Major League Baseball franchise. The New York Mets entered the National League in 1962, 5 years after both the Dodgers and the Giants left New York for California. In fact, the team took blue and orange as their team colors (blue for the Dodgers; orange for the Giants). The team was officially named "Metropolitan Baseball Club", but became known to all as the Mets.
In their first season, the Mets were a horrible 40-120, playing home games in the Polo Grounds, and setting a record for most losses in a single season that still stands.
The team moved to Shea Stadium in Queens in 1964, and remained there through the 2007 season, after which they moved next door to the newly-constructed Citi Field.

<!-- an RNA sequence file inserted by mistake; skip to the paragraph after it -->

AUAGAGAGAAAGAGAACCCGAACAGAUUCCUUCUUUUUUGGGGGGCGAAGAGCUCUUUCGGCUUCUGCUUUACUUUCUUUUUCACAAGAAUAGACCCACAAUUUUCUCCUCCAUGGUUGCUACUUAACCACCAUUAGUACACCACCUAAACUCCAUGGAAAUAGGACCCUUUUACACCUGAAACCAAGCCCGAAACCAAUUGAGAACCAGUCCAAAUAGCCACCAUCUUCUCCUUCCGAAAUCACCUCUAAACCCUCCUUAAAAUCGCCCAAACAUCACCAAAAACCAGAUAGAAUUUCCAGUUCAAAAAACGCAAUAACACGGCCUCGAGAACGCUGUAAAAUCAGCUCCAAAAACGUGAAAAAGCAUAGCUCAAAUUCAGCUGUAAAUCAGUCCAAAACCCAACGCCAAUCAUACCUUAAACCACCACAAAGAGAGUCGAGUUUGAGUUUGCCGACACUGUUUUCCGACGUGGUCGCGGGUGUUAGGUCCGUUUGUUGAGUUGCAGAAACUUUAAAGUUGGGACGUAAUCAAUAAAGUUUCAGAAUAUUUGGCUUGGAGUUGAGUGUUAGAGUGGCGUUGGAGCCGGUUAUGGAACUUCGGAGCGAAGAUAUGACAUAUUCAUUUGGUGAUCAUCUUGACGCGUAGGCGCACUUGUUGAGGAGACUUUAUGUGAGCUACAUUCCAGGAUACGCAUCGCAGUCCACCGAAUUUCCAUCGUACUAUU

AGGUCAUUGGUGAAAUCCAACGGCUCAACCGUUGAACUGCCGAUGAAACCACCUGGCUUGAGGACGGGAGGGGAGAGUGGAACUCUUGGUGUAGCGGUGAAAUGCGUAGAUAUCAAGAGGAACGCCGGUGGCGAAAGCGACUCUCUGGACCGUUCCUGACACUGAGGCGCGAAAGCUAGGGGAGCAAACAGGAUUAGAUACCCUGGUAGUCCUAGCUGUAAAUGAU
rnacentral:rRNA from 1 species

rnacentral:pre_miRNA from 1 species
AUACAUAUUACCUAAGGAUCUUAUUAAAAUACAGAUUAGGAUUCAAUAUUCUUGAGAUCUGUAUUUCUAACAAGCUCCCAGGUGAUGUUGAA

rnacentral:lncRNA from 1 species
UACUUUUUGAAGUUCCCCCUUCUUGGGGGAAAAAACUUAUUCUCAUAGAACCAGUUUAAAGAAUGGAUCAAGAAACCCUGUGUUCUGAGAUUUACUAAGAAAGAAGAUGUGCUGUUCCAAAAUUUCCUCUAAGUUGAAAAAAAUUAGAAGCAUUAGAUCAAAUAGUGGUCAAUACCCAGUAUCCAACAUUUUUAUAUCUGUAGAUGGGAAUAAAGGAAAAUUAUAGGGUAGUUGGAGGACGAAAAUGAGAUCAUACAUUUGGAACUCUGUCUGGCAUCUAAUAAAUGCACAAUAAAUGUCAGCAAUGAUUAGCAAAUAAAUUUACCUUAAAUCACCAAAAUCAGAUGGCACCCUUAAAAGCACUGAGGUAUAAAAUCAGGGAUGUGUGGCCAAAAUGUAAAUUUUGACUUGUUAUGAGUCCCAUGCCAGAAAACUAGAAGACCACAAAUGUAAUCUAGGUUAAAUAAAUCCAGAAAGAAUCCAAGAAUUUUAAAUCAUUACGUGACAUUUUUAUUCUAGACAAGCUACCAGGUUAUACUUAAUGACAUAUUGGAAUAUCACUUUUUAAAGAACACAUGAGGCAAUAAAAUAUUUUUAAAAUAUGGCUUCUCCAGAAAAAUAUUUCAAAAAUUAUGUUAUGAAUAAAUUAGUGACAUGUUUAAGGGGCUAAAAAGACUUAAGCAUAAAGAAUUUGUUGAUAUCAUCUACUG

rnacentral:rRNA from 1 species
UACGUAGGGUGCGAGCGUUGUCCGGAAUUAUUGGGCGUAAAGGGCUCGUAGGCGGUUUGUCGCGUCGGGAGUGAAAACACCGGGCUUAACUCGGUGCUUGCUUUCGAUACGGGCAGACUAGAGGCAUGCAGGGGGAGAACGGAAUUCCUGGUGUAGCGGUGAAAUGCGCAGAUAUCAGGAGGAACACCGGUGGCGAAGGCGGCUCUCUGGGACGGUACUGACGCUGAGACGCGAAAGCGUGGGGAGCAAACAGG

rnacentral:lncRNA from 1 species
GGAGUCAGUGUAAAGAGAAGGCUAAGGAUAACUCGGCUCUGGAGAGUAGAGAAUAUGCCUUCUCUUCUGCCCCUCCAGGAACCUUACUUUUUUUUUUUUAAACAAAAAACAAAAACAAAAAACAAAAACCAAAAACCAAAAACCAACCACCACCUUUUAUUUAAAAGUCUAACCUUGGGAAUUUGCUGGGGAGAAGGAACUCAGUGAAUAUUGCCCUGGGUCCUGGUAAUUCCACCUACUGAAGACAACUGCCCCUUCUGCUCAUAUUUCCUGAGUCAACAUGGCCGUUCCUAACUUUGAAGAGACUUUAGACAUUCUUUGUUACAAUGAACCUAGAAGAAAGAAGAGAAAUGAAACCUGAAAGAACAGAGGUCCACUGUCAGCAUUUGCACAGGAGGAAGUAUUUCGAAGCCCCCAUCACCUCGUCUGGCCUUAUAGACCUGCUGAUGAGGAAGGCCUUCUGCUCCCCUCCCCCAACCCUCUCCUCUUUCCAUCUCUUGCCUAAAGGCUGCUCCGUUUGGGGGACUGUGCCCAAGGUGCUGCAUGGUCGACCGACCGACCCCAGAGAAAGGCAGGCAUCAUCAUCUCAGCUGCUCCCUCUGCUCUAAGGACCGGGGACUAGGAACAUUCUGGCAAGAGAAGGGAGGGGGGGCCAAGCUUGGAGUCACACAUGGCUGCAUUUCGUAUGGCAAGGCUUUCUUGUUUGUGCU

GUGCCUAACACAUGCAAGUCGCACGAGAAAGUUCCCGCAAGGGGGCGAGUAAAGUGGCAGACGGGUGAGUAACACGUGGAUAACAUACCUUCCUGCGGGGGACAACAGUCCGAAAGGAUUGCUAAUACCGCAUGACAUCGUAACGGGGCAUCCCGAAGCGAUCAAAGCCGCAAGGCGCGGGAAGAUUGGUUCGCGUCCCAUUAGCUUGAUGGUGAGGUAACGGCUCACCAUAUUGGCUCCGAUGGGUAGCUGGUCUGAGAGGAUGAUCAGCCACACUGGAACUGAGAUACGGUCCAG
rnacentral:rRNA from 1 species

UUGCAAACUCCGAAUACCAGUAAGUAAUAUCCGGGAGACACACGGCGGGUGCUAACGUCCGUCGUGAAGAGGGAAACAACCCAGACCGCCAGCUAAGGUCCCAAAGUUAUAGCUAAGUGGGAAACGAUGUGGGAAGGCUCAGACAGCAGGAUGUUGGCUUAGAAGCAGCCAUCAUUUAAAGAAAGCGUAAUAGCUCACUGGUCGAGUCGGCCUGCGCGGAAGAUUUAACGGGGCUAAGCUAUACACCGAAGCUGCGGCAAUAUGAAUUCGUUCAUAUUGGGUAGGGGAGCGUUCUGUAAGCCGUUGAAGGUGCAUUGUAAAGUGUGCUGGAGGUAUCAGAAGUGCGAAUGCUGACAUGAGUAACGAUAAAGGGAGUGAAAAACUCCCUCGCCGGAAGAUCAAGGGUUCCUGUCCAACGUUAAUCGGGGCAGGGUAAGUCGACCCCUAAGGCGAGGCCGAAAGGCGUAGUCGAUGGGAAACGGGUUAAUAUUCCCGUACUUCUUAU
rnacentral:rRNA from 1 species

After 7 straight losing seasons, the 1969 "Miracle Mets" shocked everyone by winning 100 games, sweeping Atlanta in the playoffs, and upsetting the Baltimore Orioles to win the World Series.
17 years later, the Mets pulled off another miracle in the postseason, when down to their final out in Game 6, the Mets rallied to win (see 1986 World Series - Game 6), and also took Game 7 and their second World Championship.
Other postseason appearances for the team included 1973 (losing in the World Series to Oakland), 1988 (falling to Los Angeles in the NLCS), 1999 (losing to Atlanta in the NLCS), and 2000 (falling short versus the crosstown New York Yankees in the Subway Series).
Some famous Mets players included Tom Seaver, Dwight Gooden, and Darryl Strawberry. Willie Mays spent the end of his Hall of Fame career as a member of the Mets, while Nolan Ryan started his historic career there.
Numbers retired by the team include #41 (for Seaver), #37 (for original manager Casey Stengel), and #14 (for manager Gil Hodges).